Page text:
The Worker also published several pieces that advanced a critical stance towards U.S. anti-Cuba policies. For example, in an opinion piece called “A Poet's Letter to President Kennedy,” the author wrote that citizens in the U.S. have misleadingly been conditioned by President Kennedy to believe that communists and Castro are the sources of violence that threaten their way of life. Also, an article from October 20, 1963, which was an issue recovered amongst Oswald’s possessions, featured Father Salomon Hidalgo emphasizing that U.S. policies towards Cuba are “antihuman.” In addition, a July article called “Castro’s Great Speech” quoted Castro as acknowledging the threats posed by the U.S. government, as he stated, “At present security is characteristic of...the state of danger which harassed us in the first days of the revolution, the danger of a direct aggression from the United States.”
Furthermore, both newspapers, especially in a time closer to the assassination, displayed particularly critical stances towards two specific U.S. policies against Cuba -- the travel ban to Cuba and the U.S. blockade against Cuba. For instance, in fall 1963 issues, The Militant published numerous articles and interviews, such as one called “Kennedy’s Attack on Students Who Defied Cuba Travel Ban,” concerning students and other individuals who either defied or were indicted for violating the travel ban to Cuba, with the purpose of advocating that the ban is undemocratic, violates human rights, displaying U.S. cowardice, and constituting “needless harassment of persons who asserted their right to travel.” Additionally, various issues of The Worker presented articles criticizing the U.S. blockade of Cuba, especially as it prevented aid from reaching the island after Hurricane Flora. For example, one article stated, “Washington's vengeful, spiteful, anti-Cuba policy stands in the way of all Americans expressing compassion and love for the suffering of Cubans.”
In another example, The Worker urged that the “criminal blockade” established by President Kennedy needed to be lifted in “the name of humanity” to allow American aid to reach Cuba. In sum, examination of the contents of The Militant and The Worker reveals that each, in more than one issue and in many more articles than are discussed above, condemned President Kennedy and U.S. government policies towards the Castro regime and Cuba, and in many instances depicted each as a threat. Such a denunciatory tone could have certainly appealed to a pro-Castro and pro-Cuba individual such as Oswald, as the newspapers embraced issues important to the causes of the Cuban Revolution. So, a subscriber in 1963, such as Oswald, would certainly have had the opportunity to be exposed to enough material from each newspaper to adopt hostile views towards President Kennedy and the U.S. government.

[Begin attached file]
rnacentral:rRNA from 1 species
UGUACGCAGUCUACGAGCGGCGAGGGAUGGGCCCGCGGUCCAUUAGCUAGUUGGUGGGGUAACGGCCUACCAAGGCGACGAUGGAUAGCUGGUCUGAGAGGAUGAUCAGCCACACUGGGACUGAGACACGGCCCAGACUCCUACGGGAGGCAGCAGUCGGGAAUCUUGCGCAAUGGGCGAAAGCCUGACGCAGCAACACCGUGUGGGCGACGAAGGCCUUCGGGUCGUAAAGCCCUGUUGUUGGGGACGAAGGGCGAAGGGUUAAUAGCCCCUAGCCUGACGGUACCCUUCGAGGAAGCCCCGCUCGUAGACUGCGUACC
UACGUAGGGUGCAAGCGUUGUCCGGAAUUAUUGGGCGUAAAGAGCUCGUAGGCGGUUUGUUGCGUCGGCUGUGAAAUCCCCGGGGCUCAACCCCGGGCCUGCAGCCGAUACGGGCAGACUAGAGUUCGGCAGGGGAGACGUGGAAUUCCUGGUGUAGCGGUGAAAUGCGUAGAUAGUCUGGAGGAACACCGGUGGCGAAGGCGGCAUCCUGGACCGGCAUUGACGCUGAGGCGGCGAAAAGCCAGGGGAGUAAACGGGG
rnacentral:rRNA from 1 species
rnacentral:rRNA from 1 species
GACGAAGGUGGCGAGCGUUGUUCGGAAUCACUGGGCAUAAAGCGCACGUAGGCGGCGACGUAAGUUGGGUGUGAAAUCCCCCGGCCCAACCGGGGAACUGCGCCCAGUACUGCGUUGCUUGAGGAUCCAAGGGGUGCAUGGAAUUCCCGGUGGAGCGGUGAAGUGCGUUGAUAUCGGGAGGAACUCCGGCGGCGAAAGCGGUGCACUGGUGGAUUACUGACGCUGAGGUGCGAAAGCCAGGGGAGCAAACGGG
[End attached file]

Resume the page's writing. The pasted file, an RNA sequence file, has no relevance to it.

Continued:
More Intense Criticism
However, a closer look at issues of The Militant and The Worker published in a time leading up to the assassination reveals a more intense criticism towards U.S. anti-Cuba policies, which could have deeply stimulated the mind of a Cuba and Castro supporter like Oswald. The Militant and The Worker each published stories in October 1963 about a speech that Castro made on September 28, 1963, in Havana's Plaza of the Revolution to celebrate the third anniversary of the Committees for the Defense of the Revolution. In this speech, as Castro highlighted the complexities and goals of Cuba’s international positions, he powerfully stated his opposition to U.S. imperialism. For example, the October 7, 1963, issue of The Militant published an article called “An Important Speech by Castro: Affirms Cuba’s Independent Foreign Policy,” where it presents that Castro asserted that while Cuba is welcoming of the easing of world tensions, “it cannot accept a situation where at the very same time the U.S. was increasing its efforts to ‘tighten the noose’ around Cuba.” In response to this situation, as Cuba is a “small, attacked, blockaded country,” Castro made it clear that Cuba would continue its policy “of revolutionary opposition to U.S. efforts to crush his government.” The October 1, 1963, issue of The Worker also highlighted Castro's speech in an article called “Cuba’s Peace Policy Described by Castro.” It reported that Castro stated: